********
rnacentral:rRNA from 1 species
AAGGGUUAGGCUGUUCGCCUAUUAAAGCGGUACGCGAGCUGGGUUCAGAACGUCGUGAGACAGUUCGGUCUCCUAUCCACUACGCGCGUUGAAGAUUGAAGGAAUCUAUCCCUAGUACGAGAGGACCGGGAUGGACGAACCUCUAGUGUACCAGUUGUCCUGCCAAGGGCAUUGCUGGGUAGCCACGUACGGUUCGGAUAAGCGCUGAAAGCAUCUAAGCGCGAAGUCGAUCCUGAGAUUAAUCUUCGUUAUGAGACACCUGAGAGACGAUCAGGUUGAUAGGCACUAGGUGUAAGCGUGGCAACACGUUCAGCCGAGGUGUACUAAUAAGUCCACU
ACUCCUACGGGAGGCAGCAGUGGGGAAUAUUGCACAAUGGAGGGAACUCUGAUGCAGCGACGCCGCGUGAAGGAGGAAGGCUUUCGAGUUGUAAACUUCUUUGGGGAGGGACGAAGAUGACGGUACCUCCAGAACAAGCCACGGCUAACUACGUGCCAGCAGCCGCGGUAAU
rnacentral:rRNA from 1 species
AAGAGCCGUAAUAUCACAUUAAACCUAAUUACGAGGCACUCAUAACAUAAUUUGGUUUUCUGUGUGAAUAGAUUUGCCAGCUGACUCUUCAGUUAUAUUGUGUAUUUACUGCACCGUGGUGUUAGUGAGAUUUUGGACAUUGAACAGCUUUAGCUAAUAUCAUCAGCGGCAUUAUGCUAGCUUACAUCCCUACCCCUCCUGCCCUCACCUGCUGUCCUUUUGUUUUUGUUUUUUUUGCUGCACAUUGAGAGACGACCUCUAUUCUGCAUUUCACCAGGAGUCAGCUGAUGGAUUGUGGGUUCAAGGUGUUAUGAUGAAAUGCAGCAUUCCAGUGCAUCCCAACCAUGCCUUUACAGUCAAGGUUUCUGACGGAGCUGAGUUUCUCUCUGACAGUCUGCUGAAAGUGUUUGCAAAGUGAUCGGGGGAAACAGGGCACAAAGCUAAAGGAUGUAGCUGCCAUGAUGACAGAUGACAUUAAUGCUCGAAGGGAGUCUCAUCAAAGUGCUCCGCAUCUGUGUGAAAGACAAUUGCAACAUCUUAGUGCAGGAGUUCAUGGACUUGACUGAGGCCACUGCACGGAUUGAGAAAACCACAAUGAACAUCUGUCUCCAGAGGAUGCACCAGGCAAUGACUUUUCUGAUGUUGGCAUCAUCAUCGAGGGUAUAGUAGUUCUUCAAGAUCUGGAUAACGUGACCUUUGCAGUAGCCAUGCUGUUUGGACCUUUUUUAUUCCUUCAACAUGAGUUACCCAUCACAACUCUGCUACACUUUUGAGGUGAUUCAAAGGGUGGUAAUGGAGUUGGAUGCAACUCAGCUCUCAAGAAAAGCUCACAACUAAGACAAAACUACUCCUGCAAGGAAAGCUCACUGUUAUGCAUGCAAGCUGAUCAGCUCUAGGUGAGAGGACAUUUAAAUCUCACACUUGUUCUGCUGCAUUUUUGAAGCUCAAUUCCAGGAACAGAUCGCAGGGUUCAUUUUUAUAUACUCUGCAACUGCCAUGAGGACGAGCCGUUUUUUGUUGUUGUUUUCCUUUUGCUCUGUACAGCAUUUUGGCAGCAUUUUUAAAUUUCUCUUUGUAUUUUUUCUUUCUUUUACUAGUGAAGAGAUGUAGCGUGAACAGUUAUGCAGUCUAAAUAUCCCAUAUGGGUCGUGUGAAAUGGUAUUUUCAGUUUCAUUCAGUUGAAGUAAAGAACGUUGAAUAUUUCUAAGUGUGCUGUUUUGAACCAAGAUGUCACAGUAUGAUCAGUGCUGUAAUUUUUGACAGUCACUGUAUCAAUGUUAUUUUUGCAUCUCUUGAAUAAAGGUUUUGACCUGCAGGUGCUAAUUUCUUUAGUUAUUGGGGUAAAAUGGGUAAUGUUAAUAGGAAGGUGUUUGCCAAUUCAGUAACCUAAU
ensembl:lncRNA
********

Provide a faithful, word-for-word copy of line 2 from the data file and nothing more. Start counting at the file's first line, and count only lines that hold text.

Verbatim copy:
AAGGGUUAGGCUGUUCGCCUAUUAAAGCGGUACGCGAGCUGGGUUCAGAACGUCGUGAGACAGUUCGGUCUCCUAUCCACUACGCGCGUUGAAGAUUGAAGGAAUCUAUCCCUAGUACGAGAGGACCGGGAUGGACGAACCUCUAGUGUACCAGUUGUCCUGCCAAGGGCAUUGCUGGGUAGCCACGUACGGUUCGGAUAAGCGCUGAAAGCAUCUAAGCGCGAAGUCGAUCCUGAGAUUAAUCUUCGUUAUGAGACACCUGAGAGACGAUCAGGUUGAUAGGCACUAGGUGUAAGCGUGGCAACACGUUCAGCCGAGGUGUACUAAUAAGUCCACU